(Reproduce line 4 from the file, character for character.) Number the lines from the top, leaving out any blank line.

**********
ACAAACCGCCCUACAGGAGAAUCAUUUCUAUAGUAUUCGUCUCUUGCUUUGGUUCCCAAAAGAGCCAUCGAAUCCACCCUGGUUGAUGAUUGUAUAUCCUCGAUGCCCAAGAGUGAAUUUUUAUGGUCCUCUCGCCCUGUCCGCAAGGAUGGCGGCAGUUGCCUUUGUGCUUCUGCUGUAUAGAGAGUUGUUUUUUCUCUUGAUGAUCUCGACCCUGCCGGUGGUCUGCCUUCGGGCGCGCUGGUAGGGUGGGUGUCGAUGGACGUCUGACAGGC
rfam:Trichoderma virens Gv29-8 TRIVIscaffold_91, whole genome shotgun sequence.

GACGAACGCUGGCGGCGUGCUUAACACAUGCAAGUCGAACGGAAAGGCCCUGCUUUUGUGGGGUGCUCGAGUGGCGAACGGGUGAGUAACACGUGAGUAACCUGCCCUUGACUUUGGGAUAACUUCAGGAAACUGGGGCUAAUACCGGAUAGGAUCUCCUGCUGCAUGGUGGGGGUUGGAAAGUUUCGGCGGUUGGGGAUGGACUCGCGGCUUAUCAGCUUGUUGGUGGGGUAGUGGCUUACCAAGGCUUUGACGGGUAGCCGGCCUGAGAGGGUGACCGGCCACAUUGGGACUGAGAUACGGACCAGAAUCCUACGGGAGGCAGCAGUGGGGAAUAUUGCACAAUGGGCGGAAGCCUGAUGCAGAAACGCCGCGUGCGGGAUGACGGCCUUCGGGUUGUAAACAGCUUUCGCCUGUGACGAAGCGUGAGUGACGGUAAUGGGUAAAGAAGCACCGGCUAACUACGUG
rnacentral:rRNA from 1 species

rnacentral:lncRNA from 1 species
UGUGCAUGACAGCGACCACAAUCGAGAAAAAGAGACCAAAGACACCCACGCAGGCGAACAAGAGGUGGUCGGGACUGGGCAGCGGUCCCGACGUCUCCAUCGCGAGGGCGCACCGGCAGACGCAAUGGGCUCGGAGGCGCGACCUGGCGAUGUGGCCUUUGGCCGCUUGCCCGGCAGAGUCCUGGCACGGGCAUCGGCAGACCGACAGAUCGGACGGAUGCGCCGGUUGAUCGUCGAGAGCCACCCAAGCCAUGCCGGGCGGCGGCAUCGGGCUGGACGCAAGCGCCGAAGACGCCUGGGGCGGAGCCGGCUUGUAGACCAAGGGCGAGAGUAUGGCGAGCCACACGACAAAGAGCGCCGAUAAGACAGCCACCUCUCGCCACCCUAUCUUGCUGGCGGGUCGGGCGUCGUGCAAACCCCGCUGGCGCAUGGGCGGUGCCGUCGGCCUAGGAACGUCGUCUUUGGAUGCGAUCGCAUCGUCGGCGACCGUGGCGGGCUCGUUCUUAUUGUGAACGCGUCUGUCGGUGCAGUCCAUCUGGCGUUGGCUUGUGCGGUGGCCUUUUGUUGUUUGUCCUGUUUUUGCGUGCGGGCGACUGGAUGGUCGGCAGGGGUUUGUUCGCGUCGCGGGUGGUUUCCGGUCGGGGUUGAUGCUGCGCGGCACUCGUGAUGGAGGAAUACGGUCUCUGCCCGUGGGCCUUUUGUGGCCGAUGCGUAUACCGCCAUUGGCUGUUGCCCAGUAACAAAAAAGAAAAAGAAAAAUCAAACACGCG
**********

rnacentral:rRNA from 1 species